|Italy has become magic for North American
travelers and with good reason. The country is filled with hill towns,
sophisticated centers and both rolling hills covered in grape vines and
giant mountains hovering over clear northern lakes. Venice is like no other
place and the Lake District has been drawing people for years. But you can’t
see it all on one trip so I suggest you do it in stages.
The west coast or Italian Riviera is a trip unto itself.
From Portofino through Cinque Terre, La Spezia, Livorno and Piombino, all
the way to Sicily, not to mention a possible incursion inland at any time,
the coast offers something for everyone. There are beaches, ferry crossings
to exotic islands, theme parks, volcanoes and great cities.
Start from the French border and do only the western
coast. Take a week and stop at Pisa so you can return from Florence. Take an
extra 5-6 days and return from Rome, or go all the way to the Amalfi drive.
You need time. But if that’s not an issue, the rewards will be many.
Of course, those of you with a whole month to spend may
want to drive all the way to Sicily and stand next to Etna or the harbor at
Palermo. Don’t rush through Sicily. There are many hidden treasures both
Roman and Greek. Of course, if it was me, and I had the time, I’d take a
ferry all the way to Malta. Now, there’s something to think about.
It’s a long drive from the French border to the tip of
Italy. But it’s worth it if you don’t have to rush.
To get into the main areas for beauty and history you’ll
have to breeze through the upper highway past San Remo, Savona and Genoa.
I usually travel on the upper through highway and enjoy the waterfront towns
from on high. I did once stay in Savonna but it was crowded and not at all
memorable. San Remo is larger and OK for a brief visit. It is a throwback to
the Edwardian age when aristocracy came here to walk along the seaside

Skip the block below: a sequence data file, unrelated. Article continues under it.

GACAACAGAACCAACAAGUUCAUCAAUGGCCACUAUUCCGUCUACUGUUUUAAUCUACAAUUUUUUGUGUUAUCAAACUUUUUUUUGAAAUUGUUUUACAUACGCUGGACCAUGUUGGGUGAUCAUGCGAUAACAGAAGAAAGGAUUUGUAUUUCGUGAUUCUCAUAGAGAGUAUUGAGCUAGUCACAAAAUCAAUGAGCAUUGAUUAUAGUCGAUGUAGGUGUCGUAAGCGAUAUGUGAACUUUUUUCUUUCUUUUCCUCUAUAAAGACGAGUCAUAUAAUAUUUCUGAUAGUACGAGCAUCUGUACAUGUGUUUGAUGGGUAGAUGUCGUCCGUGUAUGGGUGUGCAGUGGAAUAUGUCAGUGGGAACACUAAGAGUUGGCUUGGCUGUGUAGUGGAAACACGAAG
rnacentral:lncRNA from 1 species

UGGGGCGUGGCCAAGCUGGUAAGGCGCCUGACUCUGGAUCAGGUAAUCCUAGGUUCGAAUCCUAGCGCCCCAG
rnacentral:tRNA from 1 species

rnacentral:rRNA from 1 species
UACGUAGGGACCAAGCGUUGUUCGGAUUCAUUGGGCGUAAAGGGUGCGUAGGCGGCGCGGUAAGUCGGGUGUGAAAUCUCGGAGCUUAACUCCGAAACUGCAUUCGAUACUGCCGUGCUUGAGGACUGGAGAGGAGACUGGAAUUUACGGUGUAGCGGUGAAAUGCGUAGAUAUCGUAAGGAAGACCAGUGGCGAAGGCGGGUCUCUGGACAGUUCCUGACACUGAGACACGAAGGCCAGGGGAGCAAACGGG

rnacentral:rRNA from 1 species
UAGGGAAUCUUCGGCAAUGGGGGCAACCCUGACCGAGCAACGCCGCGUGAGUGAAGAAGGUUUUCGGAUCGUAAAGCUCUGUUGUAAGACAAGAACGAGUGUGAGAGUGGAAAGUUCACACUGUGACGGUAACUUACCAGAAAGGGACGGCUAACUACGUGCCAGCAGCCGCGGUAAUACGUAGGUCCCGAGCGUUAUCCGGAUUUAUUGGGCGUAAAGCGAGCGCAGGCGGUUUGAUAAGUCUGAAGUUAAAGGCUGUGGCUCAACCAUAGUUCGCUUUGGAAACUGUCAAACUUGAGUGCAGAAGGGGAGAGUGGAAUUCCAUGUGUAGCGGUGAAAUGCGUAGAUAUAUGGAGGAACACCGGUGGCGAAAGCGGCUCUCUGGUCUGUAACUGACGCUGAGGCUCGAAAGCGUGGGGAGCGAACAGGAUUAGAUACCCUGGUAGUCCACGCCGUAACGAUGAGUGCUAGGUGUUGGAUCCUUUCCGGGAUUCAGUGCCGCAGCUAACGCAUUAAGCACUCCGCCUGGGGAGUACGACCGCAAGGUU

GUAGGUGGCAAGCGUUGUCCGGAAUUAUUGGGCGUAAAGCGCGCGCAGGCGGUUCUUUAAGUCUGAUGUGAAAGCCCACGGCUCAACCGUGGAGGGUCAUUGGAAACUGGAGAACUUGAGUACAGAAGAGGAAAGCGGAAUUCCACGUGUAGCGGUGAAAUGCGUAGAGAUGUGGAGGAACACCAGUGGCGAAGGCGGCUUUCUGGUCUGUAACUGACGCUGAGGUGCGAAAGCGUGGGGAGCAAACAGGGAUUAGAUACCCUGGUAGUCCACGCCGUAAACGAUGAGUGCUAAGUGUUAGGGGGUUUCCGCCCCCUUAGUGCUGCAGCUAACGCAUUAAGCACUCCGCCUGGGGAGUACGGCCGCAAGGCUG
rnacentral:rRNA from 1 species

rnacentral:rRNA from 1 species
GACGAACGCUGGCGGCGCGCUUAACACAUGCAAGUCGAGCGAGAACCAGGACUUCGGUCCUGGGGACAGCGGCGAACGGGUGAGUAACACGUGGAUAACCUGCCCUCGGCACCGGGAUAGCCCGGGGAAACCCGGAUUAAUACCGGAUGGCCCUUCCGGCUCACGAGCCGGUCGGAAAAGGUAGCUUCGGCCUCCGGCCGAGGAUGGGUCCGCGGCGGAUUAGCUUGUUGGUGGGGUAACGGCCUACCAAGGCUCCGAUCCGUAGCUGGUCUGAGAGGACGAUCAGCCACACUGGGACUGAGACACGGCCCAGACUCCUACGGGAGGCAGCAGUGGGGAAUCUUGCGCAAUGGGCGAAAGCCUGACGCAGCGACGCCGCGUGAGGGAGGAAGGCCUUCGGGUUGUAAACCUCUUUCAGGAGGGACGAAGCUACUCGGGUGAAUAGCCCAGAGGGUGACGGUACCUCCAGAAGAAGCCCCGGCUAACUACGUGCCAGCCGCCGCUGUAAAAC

promenades. That’s not to say that this coast and the old Via Aurelia aren’t
interesting. But it’s very slow going and the towns have lost their charm to
gambling and modernity. They are no longer the holiday spots of Italy.
Genoa itself is a mega-city famous mostly as a seaport and
center for ferryboats to Corsica, Sicily, Tunis and even Barcelona. It was
once called La Superba but that was centuries ago. It is very noisy and
But just beyond Genoa things change.
I remember well the first time I turned seaward just
before Rapallo after Camoli. As I passed through Nervi, the oldest winter
resort on the eastern coast. I couldn’t believe what I saw. Here, 3 km east
of the main road, I found Santa Margherita with its crowded beaches,
Edwardian style hotels and fast food stalls and traffic everywhere. There
were less people during the winter and mostly the resort had closed down.
But farther along the seaside rood we discovered one of the prettiest small
harbors in the country. We descended into a large square surrounded by
multicolored buildings that seemed to hang from the hills. This was
Portofino and the walk around the protected harbor is a memory I cherish.
Once a tiny fishing village, the port is edged on three
sides by high cliffs. Wealthy Italians discovered it. It was here, on a cold
February morning that we found a typical bar where the coffee was hot and
the biscotti popular with the few tourists and the locals who dipped theirs
in their wine.